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Question of the Week: Loss *CONTEST ALERT*

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What have you learned from losing something or someone important to you?

This question covers the whole gamut from death of a loved one to being dumped to losing your belongings in a hurricane to losing family members to mental illness to having your doctoral dissertation disappear because of a computer virus. Loss. And more specifically, I’m looking for stories in which you’ve gained something positive – whether it is about hope, strength, or a lesson learned. Surprise me.


This week is a little different than usual. You can answer here, as always. Consider this your brainstorming. Your rough draft. But if you want to be a part of the contest, you’ll have to answer over here, at Charles Shaughnessy’s place. Charlie is going to give you more detailed rules:

Please enter! This is a great opportunity to find a whole new realm of readers and exposure for your writing. And remember, to be officially entered in the contest, you must send your answer to Charlie and not to me – good luck!


Wednesday, I have two special guests, singer David Habbin and songwriter Robin Lerner. Together, they will discuss their collaboration on Morning Song. Please stop by and join the conversation!

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  • SusanHenderson
    January 6, 2008

    I’m going to post the contest rules here. Also, I know, I know I’m behind on comments. It’s been a very busy week and when I find the time, I’m dying to jump in. Okay, these are the rules for entering the contest.

    Deadline: Sunday, midnight 17 February, 2008
    word count: 200 words or less
    send to: [email protected]
    have this as the email header: MORNING SONG: The Writing Competition
    Go here for more details:

  • lance_reynald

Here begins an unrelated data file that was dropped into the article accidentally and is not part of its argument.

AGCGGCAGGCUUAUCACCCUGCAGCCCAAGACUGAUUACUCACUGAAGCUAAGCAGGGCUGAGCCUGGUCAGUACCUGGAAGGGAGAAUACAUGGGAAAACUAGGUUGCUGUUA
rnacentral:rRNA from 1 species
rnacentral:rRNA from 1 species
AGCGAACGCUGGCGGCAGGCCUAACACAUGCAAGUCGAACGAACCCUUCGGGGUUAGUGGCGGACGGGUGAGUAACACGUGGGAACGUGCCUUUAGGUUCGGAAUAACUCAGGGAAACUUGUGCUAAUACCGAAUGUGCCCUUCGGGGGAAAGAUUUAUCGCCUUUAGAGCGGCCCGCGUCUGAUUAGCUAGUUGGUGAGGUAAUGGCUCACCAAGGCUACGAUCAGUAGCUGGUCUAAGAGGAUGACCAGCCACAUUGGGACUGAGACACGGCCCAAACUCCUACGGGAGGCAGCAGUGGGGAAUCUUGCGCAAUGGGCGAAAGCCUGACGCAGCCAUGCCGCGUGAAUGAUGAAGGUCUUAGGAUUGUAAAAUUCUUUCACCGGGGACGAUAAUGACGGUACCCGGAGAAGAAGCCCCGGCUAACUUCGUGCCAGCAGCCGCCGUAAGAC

January 7, 2008

    awesome contest!
    love it!

    but, I’m gonna excuse myself on grounds of wordcount and, um….er….Litpark tenure…?

    but, best of luck everyone! Awesome contest, some of the best writing I’ve ever seen or done comes from this place.

    xo. LR

  • Jonathan Evison
    January 7, 2008

    . . . i’ve learned that loss always leaves a little hole that can’t be filled . . . i suppose that sounds obvious, but boy, can they add up . . . i like to plant a little something pretty in those holes and fill around the edges so that i have a garden of loss i can walk around in, rather than some sort of moonscape of loss in which i’m always twisting an ankle or losing golf balls . . .

  • EkEkEkEk07
    January 7, 2008

    tough topic.

    i fear i may come across as self-pitying here. it may not be the time… the story of a camper who hugged me and wouldn’t let go. and then he did let go. he danced away. he moved on. i saw him go. i felt him go. he’s gone.


    i will talk about my pet salamander instead.

    i found a pet salamander in a pond. i caught him by slowly moving my cupped hands toward him, and scooped him right up. it’s a very challenging task. try it. i took him home. my mom said, “you can keep him.” he was a little baby, brown with two greenish lines down his back. he had cute feathery frills sticking out of his ears. i called him squiggler. i put squiggler in a tupperware bowl, and used a mesh placemat as a temporary lid. i put a big rock in the bowl for him to sunbathe on and almost accidentally crushed him. he escaped in the middle of the night. i searched and searched. i cried so hard. my brother said, “can you buy doug a newt?” my mom said, “he found one, he can find another. i don’t want these things dying all over my house!!!” i cried myself to sleep and dreamed that i found him.

    it took two years, but i finally found another salamander. he had the same frillies. i held him in my hand. i called him laura wingfield. i let him go. i waved him off. “so goodbye, little salamander…” he loved the pond life too much to come home and live in a tupperware bowl.

    post scriptum – i can’t figure out how to log in to litpark. please explain.